Wednesday, November 23, 2016

Pro-business vs Anti-business Presidents

We are two weeks out from the presidential election, and as the world begins to adjust to Donald Trump's shocking upset win stock market investors seem to be feeling comfortable that his presidency will be good for business.  All four major indexes reached all-time highs this week, and while rising rates have hurt bond prices in the short term in short order higher interest rates will mean more cash flow for investors in bonds and CDs as well.  So it looks like the outlook for our investments is good for the next four years, right?

Not exactly.  The chart below was published on this summer, and it shows that supposedly pro-business Republican administrations have seen S&P 500 returns significantly lower than their supposedly anti-business Democrat counterparts.

Or course this particular time frame includes horrible returns entering the Great Depression for the GOP and corresponding tremendous returns for the Dems coming out of that era.  But even dropping off those two outliers, Democratic presidents still have had a historical annualized advantage of about 9% to about 6% in market returns during their time in office.

Is this proof that Democrats are better for the economy than Republicans...or did the pro-business policies of the Republican presidents come to fruition in the ensuing years of Democratic presidents?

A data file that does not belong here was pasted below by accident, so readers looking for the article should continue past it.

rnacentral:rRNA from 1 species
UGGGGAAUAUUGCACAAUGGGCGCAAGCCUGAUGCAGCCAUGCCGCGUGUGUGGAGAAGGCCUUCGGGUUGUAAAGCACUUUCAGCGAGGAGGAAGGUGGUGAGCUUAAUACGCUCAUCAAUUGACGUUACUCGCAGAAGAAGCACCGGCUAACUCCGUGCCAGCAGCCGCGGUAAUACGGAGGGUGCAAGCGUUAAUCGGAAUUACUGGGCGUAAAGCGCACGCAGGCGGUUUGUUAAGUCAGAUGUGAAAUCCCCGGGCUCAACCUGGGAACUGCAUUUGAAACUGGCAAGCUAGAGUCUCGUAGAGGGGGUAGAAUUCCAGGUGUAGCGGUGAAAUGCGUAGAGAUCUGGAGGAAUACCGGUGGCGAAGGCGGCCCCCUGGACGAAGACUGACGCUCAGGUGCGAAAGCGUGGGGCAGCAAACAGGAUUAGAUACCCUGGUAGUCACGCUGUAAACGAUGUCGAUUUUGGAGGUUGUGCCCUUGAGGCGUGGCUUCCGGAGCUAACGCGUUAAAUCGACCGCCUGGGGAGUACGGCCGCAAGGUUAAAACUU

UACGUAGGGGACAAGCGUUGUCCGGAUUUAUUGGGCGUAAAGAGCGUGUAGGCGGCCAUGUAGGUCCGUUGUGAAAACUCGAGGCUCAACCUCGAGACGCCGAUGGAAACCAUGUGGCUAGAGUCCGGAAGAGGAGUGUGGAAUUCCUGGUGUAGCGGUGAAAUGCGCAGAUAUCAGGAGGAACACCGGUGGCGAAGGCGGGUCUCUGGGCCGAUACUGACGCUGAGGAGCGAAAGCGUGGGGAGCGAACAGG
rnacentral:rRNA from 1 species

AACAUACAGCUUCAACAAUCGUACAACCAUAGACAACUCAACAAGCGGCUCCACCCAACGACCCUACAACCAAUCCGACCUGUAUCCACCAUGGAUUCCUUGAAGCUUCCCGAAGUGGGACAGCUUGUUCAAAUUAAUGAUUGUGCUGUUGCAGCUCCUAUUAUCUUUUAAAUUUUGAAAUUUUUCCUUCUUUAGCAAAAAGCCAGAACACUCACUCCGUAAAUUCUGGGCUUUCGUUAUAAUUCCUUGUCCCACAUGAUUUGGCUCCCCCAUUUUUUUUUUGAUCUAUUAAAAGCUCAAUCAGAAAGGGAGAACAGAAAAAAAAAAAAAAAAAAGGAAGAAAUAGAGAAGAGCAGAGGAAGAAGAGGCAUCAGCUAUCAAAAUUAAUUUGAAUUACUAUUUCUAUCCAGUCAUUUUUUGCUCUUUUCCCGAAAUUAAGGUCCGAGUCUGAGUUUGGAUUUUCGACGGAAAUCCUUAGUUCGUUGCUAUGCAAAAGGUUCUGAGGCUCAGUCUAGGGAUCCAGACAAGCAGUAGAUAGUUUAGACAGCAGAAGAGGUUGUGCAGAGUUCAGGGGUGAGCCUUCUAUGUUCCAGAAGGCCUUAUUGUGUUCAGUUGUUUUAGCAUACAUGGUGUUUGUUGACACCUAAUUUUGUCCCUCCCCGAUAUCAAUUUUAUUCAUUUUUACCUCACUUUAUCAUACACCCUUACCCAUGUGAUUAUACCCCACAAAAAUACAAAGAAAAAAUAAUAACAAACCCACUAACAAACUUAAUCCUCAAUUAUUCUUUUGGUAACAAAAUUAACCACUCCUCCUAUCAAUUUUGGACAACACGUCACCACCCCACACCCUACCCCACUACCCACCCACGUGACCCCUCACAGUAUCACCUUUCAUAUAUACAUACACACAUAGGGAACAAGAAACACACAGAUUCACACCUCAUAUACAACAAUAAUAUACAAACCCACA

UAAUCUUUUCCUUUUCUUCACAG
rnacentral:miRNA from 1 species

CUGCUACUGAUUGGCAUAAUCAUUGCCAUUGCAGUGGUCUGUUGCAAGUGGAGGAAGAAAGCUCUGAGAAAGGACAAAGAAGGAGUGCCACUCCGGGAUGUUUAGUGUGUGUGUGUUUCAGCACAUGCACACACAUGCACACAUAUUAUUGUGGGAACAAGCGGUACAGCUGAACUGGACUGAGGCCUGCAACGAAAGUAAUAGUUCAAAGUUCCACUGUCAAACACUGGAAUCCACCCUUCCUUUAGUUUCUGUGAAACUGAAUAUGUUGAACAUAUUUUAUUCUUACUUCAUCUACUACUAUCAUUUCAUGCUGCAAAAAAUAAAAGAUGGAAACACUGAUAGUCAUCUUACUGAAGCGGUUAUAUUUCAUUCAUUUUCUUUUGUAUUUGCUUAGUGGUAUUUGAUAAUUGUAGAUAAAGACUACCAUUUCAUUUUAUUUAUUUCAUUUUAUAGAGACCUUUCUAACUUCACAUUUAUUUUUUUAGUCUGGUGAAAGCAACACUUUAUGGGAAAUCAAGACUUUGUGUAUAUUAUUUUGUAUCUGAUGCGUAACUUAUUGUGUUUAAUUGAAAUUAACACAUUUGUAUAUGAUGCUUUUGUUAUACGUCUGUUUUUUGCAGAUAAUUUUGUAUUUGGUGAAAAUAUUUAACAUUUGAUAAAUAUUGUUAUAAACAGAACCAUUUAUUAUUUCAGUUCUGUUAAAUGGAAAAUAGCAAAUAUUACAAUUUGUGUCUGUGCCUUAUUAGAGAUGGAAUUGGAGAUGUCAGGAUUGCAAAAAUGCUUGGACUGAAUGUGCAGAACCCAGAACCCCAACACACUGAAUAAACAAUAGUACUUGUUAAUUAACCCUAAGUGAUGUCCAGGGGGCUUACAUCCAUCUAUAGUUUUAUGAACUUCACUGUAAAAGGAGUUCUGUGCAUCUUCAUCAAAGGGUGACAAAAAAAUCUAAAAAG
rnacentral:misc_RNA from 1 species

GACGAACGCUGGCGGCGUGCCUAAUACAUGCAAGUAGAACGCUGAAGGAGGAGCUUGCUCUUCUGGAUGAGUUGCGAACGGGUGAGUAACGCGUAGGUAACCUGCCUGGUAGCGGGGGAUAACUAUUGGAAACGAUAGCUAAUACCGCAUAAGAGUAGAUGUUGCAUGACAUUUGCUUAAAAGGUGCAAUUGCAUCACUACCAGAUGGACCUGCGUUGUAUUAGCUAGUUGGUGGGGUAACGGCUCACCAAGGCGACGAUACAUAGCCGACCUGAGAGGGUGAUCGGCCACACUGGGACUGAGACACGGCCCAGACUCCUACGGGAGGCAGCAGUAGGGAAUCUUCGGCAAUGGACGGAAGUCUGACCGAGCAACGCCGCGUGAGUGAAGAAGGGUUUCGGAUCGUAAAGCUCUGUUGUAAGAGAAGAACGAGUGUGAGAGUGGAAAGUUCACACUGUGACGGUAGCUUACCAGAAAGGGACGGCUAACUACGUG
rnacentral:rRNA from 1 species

Was George W. Bush a terrible president whose governance caused an eight-year drop in stocks...or was it that after four terms of returns in the mid-teens markets we were bound to have a pullback and Bush simply had the bad luck of being in office at that time?  

Did President Obama rescue us from destruction...or was he fortunate to be president after an eight-year correction and simply presided over the inevitable comeback?

The answer for me is - and should be for your financial decision-making - that it doesn't matter.  Whether you love or hate the current administration, the gains in the market during the Obama presidency are indisputable.  And whether you are excited or fearful of the next administration, we should expect lower stock returns over the next four years...because that's what always happens.

We know that history tends to repeat itself.  

And we know that predicting the future is impossible to do other than by luck.  

If we can remember (and follow!) these two simple truths, a successful investment experience is bound to follow

The key to financial success is having a plan and sticking to that plan.  That's easy to say but hard to do, especially when it's your own financial future on the line.  If you think fiduciary advice with no product sales could help you achieve financial success, we would be happy to help.

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